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It’s back! The Pennsylvania Game Commission’s Eagle Cam is back online

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The nest is empty in this screengrab, and there won't be eggs for a few weeks, but the Hanover Eagle Cam is back online for your bird-watching pleasure.

HANOVER — Rejoice, bird watchers! The Eagle Cam is back online.

The Pennsylvania Game Commission announced Wednesday that its popular online attraction is up and running for 2018, offering viewers 24/7 access to video and audio captured at a bald eagle nest near Hanover.

Provided through a partnership with the Game Commission, HDOnTap, Comcast Business and Codorus State Park, the Eagle Cam site features two cameras, each equipped with a microphone, placed 75 feet in a tree adjacent to Codorus State Park.

WATCH: Pennsylvania Game Commission Eagle Cam

Eagles have nested in the tree for more than a decade, and have successfully fledged young eagles there many times, the Pennsylvania Game Commission says.

 

There was some question whether the camera would return to the tree in 2018, the Game Commission says. The nest partially collapsed prior to the 2017 nesting season, but the eagles rebuilt it. The next collapsed further since the last time the Eagle Cam was online, but once again, the adult eagles did some renovating and have it ready to go.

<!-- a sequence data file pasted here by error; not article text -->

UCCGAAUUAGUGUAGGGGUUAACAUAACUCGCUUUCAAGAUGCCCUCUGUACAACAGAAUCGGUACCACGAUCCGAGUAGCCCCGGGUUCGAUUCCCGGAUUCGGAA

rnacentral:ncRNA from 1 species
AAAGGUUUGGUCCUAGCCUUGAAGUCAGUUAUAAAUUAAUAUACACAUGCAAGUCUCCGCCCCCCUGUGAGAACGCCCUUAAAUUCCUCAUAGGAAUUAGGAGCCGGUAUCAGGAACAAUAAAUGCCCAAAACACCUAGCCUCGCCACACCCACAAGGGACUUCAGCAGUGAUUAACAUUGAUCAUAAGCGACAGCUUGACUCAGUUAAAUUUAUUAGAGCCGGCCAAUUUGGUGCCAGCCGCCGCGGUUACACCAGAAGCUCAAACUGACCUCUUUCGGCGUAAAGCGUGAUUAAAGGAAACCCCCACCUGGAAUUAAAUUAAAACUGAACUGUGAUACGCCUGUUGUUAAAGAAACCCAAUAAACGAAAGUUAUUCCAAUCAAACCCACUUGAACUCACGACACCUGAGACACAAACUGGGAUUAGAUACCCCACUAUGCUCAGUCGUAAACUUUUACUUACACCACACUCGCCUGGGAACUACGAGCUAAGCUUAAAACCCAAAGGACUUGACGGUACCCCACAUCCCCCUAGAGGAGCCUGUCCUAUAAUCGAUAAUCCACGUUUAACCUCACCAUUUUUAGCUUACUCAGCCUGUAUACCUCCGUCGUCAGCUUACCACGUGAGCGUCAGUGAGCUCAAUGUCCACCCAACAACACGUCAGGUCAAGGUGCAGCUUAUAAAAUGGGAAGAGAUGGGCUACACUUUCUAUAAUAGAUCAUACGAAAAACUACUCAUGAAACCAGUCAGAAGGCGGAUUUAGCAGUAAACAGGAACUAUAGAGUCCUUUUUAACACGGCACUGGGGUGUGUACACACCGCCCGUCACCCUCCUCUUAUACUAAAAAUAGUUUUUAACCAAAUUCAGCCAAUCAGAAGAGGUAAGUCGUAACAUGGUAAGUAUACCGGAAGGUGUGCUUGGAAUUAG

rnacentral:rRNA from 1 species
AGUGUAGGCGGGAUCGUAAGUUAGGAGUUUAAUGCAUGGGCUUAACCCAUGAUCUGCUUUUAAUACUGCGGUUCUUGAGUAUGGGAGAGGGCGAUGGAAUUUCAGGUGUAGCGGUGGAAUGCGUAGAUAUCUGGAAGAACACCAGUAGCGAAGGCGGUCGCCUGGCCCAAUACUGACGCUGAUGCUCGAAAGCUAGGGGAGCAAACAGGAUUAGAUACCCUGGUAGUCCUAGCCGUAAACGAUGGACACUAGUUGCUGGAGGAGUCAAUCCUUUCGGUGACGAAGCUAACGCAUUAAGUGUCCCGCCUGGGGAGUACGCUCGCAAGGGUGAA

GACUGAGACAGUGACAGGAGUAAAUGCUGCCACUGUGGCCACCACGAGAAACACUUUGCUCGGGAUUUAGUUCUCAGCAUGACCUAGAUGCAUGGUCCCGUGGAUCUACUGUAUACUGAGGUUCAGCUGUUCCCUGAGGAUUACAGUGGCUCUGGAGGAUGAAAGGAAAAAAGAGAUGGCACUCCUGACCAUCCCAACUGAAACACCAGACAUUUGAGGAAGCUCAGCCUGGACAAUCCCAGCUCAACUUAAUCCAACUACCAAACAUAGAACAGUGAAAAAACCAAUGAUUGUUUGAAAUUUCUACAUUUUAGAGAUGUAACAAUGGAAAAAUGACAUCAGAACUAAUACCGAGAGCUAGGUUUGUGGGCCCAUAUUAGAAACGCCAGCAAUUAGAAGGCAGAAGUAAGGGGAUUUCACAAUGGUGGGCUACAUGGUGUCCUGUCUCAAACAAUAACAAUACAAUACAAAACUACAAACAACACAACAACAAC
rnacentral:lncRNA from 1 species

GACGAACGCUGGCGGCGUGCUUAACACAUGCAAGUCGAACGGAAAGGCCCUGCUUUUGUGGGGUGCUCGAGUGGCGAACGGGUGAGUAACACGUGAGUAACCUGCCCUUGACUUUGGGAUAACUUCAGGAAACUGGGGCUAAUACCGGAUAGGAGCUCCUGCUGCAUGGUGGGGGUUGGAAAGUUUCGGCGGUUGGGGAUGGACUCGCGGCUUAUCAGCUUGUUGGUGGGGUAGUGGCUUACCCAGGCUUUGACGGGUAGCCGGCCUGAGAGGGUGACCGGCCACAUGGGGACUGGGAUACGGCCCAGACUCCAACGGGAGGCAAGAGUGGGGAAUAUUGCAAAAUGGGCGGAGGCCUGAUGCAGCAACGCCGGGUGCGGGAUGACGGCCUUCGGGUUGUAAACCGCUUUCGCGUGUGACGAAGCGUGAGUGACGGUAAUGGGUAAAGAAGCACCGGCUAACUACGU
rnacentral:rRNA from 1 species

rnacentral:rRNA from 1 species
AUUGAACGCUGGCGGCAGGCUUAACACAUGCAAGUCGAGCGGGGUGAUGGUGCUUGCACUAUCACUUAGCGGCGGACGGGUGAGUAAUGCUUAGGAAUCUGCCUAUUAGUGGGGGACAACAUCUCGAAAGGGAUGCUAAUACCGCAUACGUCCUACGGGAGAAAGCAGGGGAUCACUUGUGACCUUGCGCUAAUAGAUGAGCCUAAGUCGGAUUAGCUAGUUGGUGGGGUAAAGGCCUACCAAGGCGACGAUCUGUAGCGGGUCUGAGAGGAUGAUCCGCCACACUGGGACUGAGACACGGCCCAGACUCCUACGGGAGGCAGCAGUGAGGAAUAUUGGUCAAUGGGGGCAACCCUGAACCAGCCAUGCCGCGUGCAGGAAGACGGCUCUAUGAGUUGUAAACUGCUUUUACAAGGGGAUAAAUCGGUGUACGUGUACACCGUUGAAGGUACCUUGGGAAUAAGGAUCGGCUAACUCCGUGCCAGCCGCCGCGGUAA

As many as 1.5 million viewers have watched the Eagle Cam during a single nesting season.

“While it’s always a thrill to see a bald eagle in the wild, the Game Commission’s Eagle Cam allows viewers to see bald eagles in ways they never could through binoculars or a spotting scope,” said Game Commission executive director Bryan J. Burhans. “As we’ve seen in recent years, there’s no predicting what will happen next on the Eagle Cam. But while those eagles are in and around the nest, you can pretty much guarantee you’ll see something fascinating.”

 

 

Twitter and Facebook users can share the Eagle Cam with friends by using #PGCEagleCam.

Even though there’s weeks to go before any egg-laying or incubating might occur, Burhans said the Eagle Cam always is worth looking in on.

“There’s no better way to observe eagle behavior and nature as it really is,” Burhans said.